you should have the same duty to go to the scene of the accident

Stupid idea from politician not engaging brain.

In a car (in most places) you are required to not-leave the scene of the accident, and (most places) that requirement only applies when driving on a public highway (or equivalent concept). In most cases the crash site is on, or very nearly on, public property. This won't be the case with drones, at all. The crash site may be inaccessible, dangerous to access, illegal to access or just plain private property, and drone pilots already have been TTFO at gunpoint trying to do what he requires.

Someone should ask this guy if his law gives drone pilots the _right_ to go to the scene of an accident (think similar powers to the NTSB...) as well as the duty, if so why is he giving every Joe drone-pilot such power, and if not how are they supposed to carry out their duty?

Comment Re:Copyleft is important. (Score 1) 231

Not in the license recommendations or the FAQ though is it - which was the point.

I'm aware of the passage from 3rd draft (which is not in the final rationale), as far as I am concerned it is a sell out to big corporate lobbyists. It basically says: some big corporate suppliers and users thought the status-quo (tivo-allowed) was the correct interpretation and therefore we'll exempt them from requirement to give their users this freedom. Seems some users are more free than others ? I wonder if they asked any of the end-user consumers who thought tivos interpretation was correct, or do those users not count because they are not big-corp? I wonder if they spoke to any small business users (the vast majority of businesses are small after all) about whether or not there saw any "disparity in clout" if they had a say half-million budget and were negotiating with, say, SAP, or Oracle ?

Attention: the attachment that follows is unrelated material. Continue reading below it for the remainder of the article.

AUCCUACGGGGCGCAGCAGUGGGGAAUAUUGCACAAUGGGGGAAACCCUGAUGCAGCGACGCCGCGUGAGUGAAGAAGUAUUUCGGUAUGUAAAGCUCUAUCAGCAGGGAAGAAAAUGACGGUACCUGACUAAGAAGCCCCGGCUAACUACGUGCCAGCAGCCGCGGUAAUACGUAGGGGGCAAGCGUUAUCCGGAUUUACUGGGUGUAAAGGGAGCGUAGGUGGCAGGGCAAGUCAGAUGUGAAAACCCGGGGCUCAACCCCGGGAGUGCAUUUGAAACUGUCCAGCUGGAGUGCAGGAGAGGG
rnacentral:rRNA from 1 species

The final rationale says something about extending the provision (another incompatible GPL version and further balkanisation of the GPL world) if problems appear in currently exempted areas. Wonder what the big corporate lobbyists thought of that - "well we'd better be good" or "right we've bought a few years to get ourselves off this GPL stuff" ? Who they were is left unsaid, but various possible suspects are currently now pushing LLVM etc.

And it is not "a requirement for distribution in a particular form, namely preinstallation in a device.", it is "a requirement for distribution in a particular form, namely preinstallation in a device in one field of use" - devices in other fields of use being conveniently exempt from compliance. If you can't comply (say because of contractual, legal or regulatory obligations) then it is a field of use restriction.

Comment Re:Copyleft is important. (Score 1) 231

They leave unclear and unanswered _why_ there is a clause in GPLv3 that applies _only_ to a specific class of products.
If the Tivo clause is necessary to ensure user's freedoms, then why does it only apply to a class of products / users:

(1) a “consumer product”, which means any tangible personal property which is normally used for personal, family, or household purposes, or (2) anything designed or sold for incorporation into a dwelling.

Or, conversely, why do business / professional users get less protection, why is there effectively a field-of-use restriction in the licence (where it is more restrictive in one field of use) ?

If it is there to ensure freedom, why do only some users get the benefit, and if it is not then why is it there at all ?

Comment Re:Good (Score 1) 140

I think the problem is that X.ORG Foundation, LLC no longer actually exists. They need a legal trail to show that the current foundation is the legal successor in interest, which they haven't got. Possibly they messed up the legals somewhere along the way so they are not in fact successor in interest and title to the domain was never transferred. In which case the domain is not, in fact, theirs.